I always complain that these books about boys are boring and dull, but this one was not. Probably because it’s a Kathryn Lasky book, so it’s going to be a good bit above the general run, but I was still genuinely surprised! Incidentally, this book was rereleased with a new title and cover, and you tell me which one is more engaging.
The Journal of Augustus Pelletier, The Lewis and Clark Expedition, 1804, Kathryn Lasky, 2000.
So, here you go. The initial title looks exactly like every other single My Name Is America book, which is not super thrilling, but the reissue is…it’s a little bit pulp-fiction-y, isn’t it? I’m not an 11-year-old boy so I’m probably not the target audience here, but am I wrong? The expressions on everyone’s faces here are hilarious—grinding fury, complete irritation, and what looks like the guy in the back who may have just heard the world’s most hilarious joke. I don’t know what’s happening here.
Gus here, our teenage protagonist, is preparing to secretly follow the Lewis and Clark expedition in search of a little adventure, and his brilliant plan is to wait until they’re too far along to tell him he has to go back. As stupid of an idea as that is, and believe me it is truly dumb, it is definitely something a teenage boy would come up with. He’s half French and half Omaha, calls himself a half-breed, and speaks French, Omaha, and English, which as you imagine might come in handy. He immediately begins complaining about how slow the whole expedition is going, which is not surprising considering that they’re a good bit more clunky than a single teenage boy and his knapsack.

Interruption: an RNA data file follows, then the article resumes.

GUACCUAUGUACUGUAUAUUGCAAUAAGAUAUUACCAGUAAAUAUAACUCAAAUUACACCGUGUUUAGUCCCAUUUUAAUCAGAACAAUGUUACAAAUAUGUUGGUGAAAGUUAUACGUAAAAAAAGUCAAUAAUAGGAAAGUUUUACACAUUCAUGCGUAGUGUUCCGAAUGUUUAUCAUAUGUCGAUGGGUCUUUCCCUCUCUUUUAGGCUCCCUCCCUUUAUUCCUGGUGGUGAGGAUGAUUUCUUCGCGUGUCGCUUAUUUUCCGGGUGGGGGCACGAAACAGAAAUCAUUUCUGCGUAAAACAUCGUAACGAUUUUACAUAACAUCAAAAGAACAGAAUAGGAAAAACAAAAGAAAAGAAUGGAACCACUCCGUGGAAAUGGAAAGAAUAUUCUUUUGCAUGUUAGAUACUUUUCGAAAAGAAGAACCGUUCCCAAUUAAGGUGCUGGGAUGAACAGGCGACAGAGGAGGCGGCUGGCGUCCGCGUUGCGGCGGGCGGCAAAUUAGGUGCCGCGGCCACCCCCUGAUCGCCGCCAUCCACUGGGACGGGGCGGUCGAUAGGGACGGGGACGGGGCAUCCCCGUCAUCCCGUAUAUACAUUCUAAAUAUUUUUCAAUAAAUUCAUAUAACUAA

So off they go, and it’s barely a week before Gus is complaining about how good the camp’s meat smells and how much it sucks being alone, which is probably true. The bugs are dreadful, the Corps all come down with dysentery, everything is generally awful. By the end of June, after they’ve travelled just about four hundred miles, Gus presents himself to Lewis, who is wholly unsurprised to see him and excited to have someone else who can write along. The rest of the Corps is flabbergasted to see him, but pretty happy to see someone else, as I can imagine you’d get pretty bored of seeing the same ugly faces all the time.
Gus makes himself useful—he’s off with one of the scouts who gets bitten by a rattlesnake, and Gus does the classic “make an X and suck out the poison,” he nabs some game for them, he helps Lewis take his notes and his measurements. And makes his own salty notes in his own journal. “[Lewis] has gone plumb crazy with this Platte, which in my considered opinion is a lousy excuse for a river. It is great and wide but it slides along barely an inch deep in some places. The thing that Captain Lewis keeps going on about is how much sand there is in this river. Well, I guess if you like rivers made from sand you would fancy this one. I personally prefer water in my rivers.” Well, I laughed! Most of the expedition treats him pretty well, except one, Reed, who treats him like crap—“There’s a way a grown-up half-breed, ‘specially with French blood, can glare, where their brow turns dark just like storm clouds rolling up on the horizon. I’m working on it myself. It’s best with whiskers. I don’t have whiskers yet.”